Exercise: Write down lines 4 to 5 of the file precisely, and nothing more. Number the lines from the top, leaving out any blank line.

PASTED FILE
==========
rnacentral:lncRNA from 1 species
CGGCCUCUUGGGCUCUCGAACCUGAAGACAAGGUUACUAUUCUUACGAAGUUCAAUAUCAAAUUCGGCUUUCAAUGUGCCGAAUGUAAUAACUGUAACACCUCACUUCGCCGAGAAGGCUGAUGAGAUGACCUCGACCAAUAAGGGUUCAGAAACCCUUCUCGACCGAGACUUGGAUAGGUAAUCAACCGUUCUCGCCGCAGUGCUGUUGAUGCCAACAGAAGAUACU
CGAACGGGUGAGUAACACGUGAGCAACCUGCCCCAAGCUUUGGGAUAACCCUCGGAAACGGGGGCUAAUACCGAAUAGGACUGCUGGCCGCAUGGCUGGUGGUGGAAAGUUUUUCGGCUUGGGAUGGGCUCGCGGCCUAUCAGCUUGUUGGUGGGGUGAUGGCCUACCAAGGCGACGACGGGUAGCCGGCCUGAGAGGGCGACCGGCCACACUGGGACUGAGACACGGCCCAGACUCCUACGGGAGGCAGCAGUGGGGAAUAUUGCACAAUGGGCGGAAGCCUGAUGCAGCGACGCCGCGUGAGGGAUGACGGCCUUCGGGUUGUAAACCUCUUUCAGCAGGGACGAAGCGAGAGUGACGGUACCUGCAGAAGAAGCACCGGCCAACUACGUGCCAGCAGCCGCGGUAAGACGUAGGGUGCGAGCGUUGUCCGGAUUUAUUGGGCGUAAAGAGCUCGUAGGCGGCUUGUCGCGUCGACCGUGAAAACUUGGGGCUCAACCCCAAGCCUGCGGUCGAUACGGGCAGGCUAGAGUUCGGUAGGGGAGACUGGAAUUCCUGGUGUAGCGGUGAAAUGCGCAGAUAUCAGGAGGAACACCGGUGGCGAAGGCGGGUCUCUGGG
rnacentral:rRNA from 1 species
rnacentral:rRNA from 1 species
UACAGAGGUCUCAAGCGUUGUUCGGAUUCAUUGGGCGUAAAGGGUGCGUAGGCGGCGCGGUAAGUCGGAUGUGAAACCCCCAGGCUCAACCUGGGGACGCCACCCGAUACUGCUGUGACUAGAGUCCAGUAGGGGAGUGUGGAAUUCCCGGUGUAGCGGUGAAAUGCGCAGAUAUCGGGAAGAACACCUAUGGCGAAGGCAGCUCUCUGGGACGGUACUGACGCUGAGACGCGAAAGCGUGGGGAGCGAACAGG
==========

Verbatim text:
rnacentral:rRNA from 1 species
rnacentral:rRNA from 1 species